Another striking feature5 is the presence of two outer electronegative (acidic) vestibules located within the extracellular domain (Fig. 1b). The proximity of the central vestibule to the pore, and its negative charge, make one wonder whether this central chamber attracts positively charged ions to the channel. Cavities of similar dimensions have been found in a range of proteins, in which they are proposed to facilitate movement between domains by decreasing the contact surface, or to serve as binding sites for cofactors or regulatory compounds11. Indeed, Kawate and colleagues5 found gadolinium (Gd3+), a heavy metal used to solve the structure, in the central vestibule of the P2X receptor, and showed that Gd3+ inhibits P2X function. If the outer two vestibules serve as binding sites for regulatory ions, how do such ions get into these chambers, and how do they affect the function of the ion channel? One possibility is that ions access the vestibules through a pathway along the P2X central axis that dilates when ATP binds.
So where does ATP bind to open the ion channel? Because the P2X structure was solved in the absence of ATP, the binding site isn't visible. But experiments in which amino acids were mutated12 implicate specific basic and other polar (hydrophilic) residues that line a pocket on the outer surface of the receptor at the interface between each subunit5 (Fig 1a). Although the structure of this site is unlike that of conventional ATP-binding motifs13, such motifs are notoriously diverse and the residues lining the P2X pocket are appropriate for ATP binding. It will be interesting to find out whether ATP binds to this region, to determine whether magnesium ions are required for ATP binding, as it is in many other proteins, and to compare the chemistry of ligand binding with that observed in other ATP-binding proteins. Answering these questions will be highly informative for designing new drugs targeting P2X receptors.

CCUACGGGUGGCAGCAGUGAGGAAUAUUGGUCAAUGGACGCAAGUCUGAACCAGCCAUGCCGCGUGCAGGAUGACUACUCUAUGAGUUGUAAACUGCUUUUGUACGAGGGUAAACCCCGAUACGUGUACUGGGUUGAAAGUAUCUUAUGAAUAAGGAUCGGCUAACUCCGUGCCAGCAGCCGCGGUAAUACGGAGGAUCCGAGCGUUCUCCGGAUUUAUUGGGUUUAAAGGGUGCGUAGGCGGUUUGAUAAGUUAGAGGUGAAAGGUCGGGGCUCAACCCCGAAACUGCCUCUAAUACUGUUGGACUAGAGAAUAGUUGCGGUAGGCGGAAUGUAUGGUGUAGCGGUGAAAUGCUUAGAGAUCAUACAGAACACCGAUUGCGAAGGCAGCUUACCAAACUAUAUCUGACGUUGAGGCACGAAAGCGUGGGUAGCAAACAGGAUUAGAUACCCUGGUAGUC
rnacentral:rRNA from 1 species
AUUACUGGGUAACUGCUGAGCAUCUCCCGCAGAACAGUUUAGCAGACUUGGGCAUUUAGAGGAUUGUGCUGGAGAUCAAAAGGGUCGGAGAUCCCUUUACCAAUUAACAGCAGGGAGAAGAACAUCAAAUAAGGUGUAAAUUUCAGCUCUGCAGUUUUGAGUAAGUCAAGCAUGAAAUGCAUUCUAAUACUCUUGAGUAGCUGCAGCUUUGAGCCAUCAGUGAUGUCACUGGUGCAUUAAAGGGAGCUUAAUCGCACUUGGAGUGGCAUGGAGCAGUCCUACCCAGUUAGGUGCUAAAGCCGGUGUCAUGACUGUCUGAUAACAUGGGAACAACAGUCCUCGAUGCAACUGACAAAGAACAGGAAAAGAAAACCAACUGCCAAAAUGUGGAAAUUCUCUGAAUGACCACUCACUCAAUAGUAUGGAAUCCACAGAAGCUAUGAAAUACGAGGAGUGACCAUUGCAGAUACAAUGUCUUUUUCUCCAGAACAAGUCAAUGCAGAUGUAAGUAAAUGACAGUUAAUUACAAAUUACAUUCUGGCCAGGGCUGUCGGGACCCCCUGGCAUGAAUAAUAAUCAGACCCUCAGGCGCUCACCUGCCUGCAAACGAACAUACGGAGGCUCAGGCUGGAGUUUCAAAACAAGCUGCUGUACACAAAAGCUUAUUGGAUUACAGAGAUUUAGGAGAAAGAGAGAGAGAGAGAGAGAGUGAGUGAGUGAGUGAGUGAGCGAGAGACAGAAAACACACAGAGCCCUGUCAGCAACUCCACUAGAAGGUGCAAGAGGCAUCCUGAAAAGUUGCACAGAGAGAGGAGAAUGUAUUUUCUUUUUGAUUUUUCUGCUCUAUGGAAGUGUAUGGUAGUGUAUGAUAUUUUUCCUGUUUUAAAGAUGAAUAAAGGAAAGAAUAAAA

The P2X receptor is not the first trimeric ion- channel structure to be solved. A structure had been reported for an acid-sensing ion channel (ASIC)14, but the protein yielding this structure was non-functional and the transmembrane segments adopted a non-native conformation. The new ASIC structure reported by Gonzales and colleagues6 was solved from a functional protein, and so provides several novel details. Although P2X receptors and ASICs have unrelated amino-acid sequences and open in response to different ligands (ATP versus protons), their transmembrane regions are remarkably similar. The pore of the ASIC is closed by an extended plug that is similar to that in the P2X receptor. And although the extracellular domains of P2X receptors and ASICs are structurally unrelated, both have the acidic central and upper vestibules. By soaking ASIC crystals in different ions, the authors6 located an ion-binding site in the extracellular vestibule, providing a first glimpse of how trimeric channels might coordinate (and thereby select for) different permeating ions.
These two papers5,6 are wonderful examples of how protein structures help to frame a wealth of fascinating questions. How does ligand binding to the extracellular domains trigger opening of the pore, and how does the structure of the pore change during opening? What is the role of the two acidic vestibules in the extracellular domains? Do the similarities in the pore regions of the two channels mean that they gate using similar mechanisms, or are there simply limited ways to construct an ion-conducting pore from so few transmembrane helices? Answering these fundamental questions will undoubtedly keep nerds busy for years to come.